The motion of pancake ice was investigated using an array of specialised drifting buoys, deployed into the advancing ice edge of the Weddell Sea in April 2000. The buoys remained in the ice as the pancakes consolidated into a coherent ice sheet, and the study examined the contrasts in dynamics for equivalent periods before and after consolidation. Drift velocities were largely determined by the meridional component, perpendicular to the ice edge. Prior to consolidation, these showed significantly elevated magnitudes at high frequencies ( periods shorter than six hours). Scalar velocities were higher than previously reported values, reducing with time and distance from the ice edge. The same trends were not evident from in situ wind data. Derivation of momentum transfer parameters ( wind factor, turning angle) was hampered by a lack of reliable wind directions from the outermost buoys, however. Relative motions between buoys were investigated using differential kinematic parameters. These displayed high amplitude, high frequency oscillations in unconsolidated ice, with RMS invariant values up to two orders of magnitude higher than normally reported for Weddell Sea pack ice. The values were found to be strongly dependent on sampling interval, increasing further at intervals less than one hour. In situ winds did not display an equivalent variation, suggesting that wind-forcing was not responsible, and translation under wave action, either internal or surface gravity, was postulated as the forcing.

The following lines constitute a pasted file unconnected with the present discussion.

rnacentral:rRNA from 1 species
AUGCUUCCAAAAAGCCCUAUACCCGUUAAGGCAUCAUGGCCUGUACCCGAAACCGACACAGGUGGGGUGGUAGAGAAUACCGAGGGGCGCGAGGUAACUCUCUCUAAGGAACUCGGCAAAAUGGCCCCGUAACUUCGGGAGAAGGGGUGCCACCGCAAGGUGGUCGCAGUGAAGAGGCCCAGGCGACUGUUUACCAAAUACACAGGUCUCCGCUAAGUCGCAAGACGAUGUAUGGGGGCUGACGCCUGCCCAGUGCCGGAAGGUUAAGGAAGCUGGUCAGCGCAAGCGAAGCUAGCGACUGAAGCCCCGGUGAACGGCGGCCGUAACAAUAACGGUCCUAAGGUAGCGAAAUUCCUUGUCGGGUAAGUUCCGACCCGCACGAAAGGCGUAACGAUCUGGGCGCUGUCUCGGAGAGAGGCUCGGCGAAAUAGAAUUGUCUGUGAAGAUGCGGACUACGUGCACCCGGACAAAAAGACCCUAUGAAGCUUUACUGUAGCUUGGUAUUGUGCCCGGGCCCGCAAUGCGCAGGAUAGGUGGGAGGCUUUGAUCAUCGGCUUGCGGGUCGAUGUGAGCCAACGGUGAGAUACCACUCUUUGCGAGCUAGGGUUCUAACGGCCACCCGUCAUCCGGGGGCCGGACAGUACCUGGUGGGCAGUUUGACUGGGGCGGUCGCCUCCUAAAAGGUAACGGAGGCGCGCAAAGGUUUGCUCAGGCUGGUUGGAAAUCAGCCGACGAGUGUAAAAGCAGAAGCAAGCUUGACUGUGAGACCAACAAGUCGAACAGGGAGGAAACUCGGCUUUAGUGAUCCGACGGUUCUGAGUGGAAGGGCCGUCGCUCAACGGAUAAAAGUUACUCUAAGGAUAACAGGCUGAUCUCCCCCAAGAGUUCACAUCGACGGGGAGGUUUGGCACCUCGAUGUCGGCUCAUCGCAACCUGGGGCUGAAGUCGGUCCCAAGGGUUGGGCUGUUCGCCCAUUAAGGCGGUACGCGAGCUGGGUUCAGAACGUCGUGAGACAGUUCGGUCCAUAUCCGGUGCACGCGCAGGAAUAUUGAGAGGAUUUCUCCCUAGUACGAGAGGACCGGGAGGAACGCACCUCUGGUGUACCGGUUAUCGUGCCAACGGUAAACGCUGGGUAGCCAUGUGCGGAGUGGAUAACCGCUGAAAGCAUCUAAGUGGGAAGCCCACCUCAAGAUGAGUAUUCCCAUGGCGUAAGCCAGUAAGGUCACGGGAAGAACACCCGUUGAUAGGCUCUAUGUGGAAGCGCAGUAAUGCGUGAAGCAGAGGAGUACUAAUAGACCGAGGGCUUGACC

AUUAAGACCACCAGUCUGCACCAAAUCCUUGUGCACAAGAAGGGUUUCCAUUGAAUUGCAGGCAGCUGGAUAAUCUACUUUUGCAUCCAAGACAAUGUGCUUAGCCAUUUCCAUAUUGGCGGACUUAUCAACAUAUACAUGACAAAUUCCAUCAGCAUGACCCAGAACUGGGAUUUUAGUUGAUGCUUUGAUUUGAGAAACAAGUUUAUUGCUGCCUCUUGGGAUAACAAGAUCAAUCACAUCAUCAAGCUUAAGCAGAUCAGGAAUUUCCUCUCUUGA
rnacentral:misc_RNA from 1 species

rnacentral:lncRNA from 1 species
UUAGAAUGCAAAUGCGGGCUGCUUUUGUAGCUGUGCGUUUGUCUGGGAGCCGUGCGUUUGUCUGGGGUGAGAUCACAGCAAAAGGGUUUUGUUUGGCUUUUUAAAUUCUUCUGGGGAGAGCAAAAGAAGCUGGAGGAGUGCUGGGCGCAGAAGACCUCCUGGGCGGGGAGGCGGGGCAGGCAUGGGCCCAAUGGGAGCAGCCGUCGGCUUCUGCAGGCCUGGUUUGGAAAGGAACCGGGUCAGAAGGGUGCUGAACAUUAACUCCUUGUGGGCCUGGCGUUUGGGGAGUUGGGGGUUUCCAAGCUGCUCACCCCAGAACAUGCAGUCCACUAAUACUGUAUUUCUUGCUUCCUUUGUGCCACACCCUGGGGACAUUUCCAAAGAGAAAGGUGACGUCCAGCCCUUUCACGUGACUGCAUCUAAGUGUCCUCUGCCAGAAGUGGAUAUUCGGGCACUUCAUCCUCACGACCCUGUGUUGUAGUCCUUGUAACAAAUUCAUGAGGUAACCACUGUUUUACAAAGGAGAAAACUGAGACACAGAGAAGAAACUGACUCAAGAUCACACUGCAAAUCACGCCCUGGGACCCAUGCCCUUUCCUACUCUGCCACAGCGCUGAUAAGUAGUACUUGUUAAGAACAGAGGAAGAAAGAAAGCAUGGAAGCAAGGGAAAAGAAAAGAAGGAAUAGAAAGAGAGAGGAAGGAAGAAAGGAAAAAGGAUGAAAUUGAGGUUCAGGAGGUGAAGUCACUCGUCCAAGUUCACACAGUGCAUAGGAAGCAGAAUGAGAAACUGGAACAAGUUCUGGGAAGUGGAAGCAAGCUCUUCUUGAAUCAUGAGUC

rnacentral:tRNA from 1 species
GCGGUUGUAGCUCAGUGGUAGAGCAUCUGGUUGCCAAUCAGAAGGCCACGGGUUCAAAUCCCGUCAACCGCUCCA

|Journal||J GEOPHYS RES|
|Publication status||Published - 2006|
- GREENLAND SEA
- WEDDELL SEA